As East Coast cities go, Baltimore gets short shrift compared to regional giants like Washington, D.C., Philadelphia and Boston. But vibrant Charm City has made strong strides in recent years to reinvigorate the downtown core, and with it, the hotel scene.
New hotel The Ivy, which opened in mid-2015, is one of only two Forbes Travel Guide Four-Star properties in the city (Four Seasons Hotel Baltimore being the other) and the Mount Vernon neighborhood’s only luxury hotel. It’s an oasis that appeals equally to local staycationers and out-of-towners.
We recently spent a weekend at the 19th-century manor to bring you a full report. Here are the four things you need to know before booking a stay.
There’s nothing standard about the rooms at The Ivy, a historic mansion-turned-hotel. Each room is uniquely decorated and laid out, and referred to by number rather than by type or size.
Our favorite accommodations: Suite 17, a fourth-floor space with a dramatic bathroom boasting a deep-soaking tub and skylights, plus a private bedroom/sitting area with fireplace and cozy window seat. We also love Suite 18, the property’s only bi-level unit. This feels particularly private, as it’s the only one in the spa tower.
Of the rooms, we were enamored with Room 8, a cozy, queen-bedded wonder with its own terrace, and Room 6, which has the original plaster filigree on the ceiling and was once the mansion’s master bedroom.
Color schemes and décor vary — our room felt eclectic and almost bohemian, while others look more Victorian-meets-modern — but all come with fireplaces, sitting areas, Natura Bissé toiletries and necessities kits packed with everything from shaving cream and earplugs to makeup remover.
The service and perks
Upon arrival at The Ivy, you are greeted with a glass of champagne before being taken on a tour of the hotel’s common spaces and being personally escorted to your room.
With 23 working fireplaces and numerous small nooks, there are countless spots to cozy up with a good book. Check-in isn’t until 4 p.m., but you are welcome to arrive early and relax while you wait for your room with a full high tea, served daily. It includes a chef’s selection of luxury teas (ranging from bourbon-aged and matcha to an unusual Japanese blooming variety) plus housemade sandwiches, scones and sweets.
On our last visit, dishes included a winter squash blend salad on crostini, scones with “birthday cake” cream and decadent truffles.
Once you’re in your room, the delicacies don’t stop. Gratis minibars are stocked with interesting products, like Route 11 potato chips and local Hex Kombucha tea elixir, plus a wine split and craft beer.
Want something a bit stronger? The Baltimore hotel offers a complimentary bar for guests, where the staff is happy to whip you up a martini that hits the spot or let you self-serve from a selection of top-shelf liquors and aperitifs.
Naturally, the well-trained team is happy to also arrange for the house car to take you around town, secure theater tickets to the nearby Meyerhoff Symphony or Hippodrome Theatre, or simply offer suggestions of the best places to explore on foot.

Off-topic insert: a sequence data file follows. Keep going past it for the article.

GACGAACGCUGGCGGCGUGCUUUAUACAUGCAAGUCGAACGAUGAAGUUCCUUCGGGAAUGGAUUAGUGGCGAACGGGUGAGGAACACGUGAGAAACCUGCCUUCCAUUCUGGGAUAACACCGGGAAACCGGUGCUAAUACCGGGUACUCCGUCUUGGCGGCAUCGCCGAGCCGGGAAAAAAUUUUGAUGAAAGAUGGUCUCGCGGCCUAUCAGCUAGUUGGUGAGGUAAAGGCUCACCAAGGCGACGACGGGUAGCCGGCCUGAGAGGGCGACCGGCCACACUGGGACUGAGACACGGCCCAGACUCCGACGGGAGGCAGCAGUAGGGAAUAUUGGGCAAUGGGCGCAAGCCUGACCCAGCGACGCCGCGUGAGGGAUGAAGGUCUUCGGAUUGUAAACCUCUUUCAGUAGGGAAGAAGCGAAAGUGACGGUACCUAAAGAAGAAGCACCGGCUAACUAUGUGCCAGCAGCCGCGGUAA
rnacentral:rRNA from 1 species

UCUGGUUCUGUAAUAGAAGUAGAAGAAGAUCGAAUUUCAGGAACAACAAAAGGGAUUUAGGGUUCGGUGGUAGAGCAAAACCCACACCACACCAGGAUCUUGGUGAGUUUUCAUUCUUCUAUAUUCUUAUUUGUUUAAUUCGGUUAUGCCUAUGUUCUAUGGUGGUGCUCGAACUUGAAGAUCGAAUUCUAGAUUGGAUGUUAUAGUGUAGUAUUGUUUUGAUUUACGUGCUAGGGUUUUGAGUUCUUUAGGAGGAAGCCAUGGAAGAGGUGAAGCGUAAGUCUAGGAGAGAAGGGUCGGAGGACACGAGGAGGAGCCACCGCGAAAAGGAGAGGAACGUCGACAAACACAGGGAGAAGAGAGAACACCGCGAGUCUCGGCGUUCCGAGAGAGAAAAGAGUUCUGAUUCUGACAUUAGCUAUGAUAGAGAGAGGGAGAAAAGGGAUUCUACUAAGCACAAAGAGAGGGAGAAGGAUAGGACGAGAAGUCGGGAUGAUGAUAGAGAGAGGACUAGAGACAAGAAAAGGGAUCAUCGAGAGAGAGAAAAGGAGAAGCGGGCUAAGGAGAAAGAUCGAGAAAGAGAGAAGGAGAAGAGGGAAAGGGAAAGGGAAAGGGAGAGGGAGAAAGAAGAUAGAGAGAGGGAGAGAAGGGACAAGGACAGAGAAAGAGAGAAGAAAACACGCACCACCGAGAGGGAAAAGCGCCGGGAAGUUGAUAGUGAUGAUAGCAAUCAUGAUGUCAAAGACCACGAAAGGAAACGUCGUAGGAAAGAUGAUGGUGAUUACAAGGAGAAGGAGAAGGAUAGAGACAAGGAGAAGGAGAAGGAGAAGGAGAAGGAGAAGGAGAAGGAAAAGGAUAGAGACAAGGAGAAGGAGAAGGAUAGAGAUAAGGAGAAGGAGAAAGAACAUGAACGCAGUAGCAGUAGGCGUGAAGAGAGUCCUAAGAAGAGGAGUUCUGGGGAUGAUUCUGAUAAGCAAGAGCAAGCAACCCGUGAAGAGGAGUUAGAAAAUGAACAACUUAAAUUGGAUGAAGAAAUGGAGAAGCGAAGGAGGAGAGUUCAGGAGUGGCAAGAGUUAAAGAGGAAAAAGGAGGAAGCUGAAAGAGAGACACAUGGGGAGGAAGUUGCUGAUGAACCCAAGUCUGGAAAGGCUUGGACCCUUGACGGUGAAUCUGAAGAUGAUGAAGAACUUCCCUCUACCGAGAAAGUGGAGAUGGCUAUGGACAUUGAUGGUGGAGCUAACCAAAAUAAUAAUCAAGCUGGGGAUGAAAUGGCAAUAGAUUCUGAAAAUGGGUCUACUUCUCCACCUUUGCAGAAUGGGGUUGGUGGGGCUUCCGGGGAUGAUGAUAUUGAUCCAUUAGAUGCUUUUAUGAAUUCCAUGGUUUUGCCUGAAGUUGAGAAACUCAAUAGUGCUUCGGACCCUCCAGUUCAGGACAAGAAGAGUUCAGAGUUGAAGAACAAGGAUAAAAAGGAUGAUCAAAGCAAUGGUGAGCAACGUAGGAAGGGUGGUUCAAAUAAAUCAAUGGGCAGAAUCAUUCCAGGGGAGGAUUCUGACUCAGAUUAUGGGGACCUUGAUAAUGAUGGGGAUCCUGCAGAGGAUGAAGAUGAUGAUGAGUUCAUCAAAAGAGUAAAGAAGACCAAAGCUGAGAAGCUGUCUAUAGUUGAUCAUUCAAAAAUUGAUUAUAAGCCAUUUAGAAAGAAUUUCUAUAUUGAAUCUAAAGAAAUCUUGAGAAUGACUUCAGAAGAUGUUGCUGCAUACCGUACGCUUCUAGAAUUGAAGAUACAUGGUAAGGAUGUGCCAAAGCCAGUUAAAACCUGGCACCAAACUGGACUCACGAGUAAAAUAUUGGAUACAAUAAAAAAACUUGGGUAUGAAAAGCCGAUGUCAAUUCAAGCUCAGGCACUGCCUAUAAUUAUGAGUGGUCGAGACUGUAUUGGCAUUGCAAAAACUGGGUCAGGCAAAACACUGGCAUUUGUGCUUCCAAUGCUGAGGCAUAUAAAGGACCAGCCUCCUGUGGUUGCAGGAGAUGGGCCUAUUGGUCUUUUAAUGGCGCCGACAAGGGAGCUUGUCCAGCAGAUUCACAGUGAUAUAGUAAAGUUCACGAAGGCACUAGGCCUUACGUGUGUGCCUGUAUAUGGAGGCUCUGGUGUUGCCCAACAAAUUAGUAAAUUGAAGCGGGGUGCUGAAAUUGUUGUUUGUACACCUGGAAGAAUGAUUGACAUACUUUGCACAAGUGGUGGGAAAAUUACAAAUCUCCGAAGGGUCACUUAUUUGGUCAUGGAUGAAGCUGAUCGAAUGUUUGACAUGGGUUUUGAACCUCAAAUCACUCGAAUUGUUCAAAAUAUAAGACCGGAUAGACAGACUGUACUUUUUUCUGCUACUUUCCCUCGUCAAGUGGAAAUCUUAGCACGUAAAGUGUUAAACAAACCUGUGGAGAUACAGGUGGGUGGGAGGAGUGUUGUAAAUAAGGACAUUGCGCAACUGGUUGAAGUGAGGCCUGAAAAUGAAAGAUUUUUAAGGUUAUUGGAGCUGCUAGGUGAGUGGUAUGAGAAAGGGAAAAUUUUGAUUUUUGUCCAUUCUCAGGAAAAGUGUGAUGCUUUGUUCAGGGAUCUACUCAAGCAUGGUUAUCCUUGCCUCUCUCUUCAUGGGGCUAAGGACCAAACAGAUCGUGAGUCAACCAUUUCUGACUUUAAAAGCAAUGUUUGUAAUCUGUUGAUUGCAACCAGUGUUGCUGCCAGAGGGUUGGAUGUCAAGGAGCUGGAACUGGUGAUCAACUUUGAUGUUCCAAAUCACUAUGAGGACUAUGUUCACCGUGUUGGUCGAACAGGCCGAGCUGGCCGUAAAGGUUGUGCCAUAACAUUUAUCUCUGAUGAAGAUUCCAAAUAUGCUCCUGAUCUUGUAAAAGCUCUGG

A boutique two-room spa with Natura Bissé treatments is also available.
Located on the ground floor of the hotel, fine-dining restaurant Magdalena is an experience not to be missed. Choose from five distinct dining spaces, such as the seasonal terrace, the casual bar or, our favorite, the intimate Treasury, where the home’s silver and china were once kept.
Inspired equally by the bounty of the season as by chef Mark Levy’s English heritage and classic training, the Four-Star restaurant shines with creative takes on meat and seafood, like tea-brined duck breast with cauliflower and miso pureé, or a seared Hudson Valley foie gras with Yorkshire pudding.
An extensive raw bar is also a highlight. But the real star is the thorough wine list, bearing the name of vino expert and rater Robert Parker. Parker, a Baltimore native, is such a fan of Magdalena that he gave permission for the cellar to bear his name, making it the only restaurant in the world with this unique honor.
Breakfast, complimentary with each stay, is a multi-course affair that can be served in-room or in Magdalena. Start with dishes like a fruit salad topped with grapefruit granita before proceeding to eggs Benedict with truffle hollandaise, or go the sweet route with delicate ricotta pancakes with fruit compote.
Originally conceived by wealthy banker and industrialist John Gilman (who, sadly, died before the mansion could be finished) in the late 1800s, the home went on to be occupied by other notable Baltimore families and, at one point, was used by the city to house visiting dignitaries.
The Ivy today still feels and looks much the same as it did when it was a private residence, although now several other rowhomes have been combined to offer the full array of space needed to house the luxury hotel, spa and restaurant.
The ground-floor rooms at Biddle and North Calvert streets are still designed as quiet sitting spaces, many of which have leaded glass windows, carved wood wainscoting and individual fireplaces with original marble details.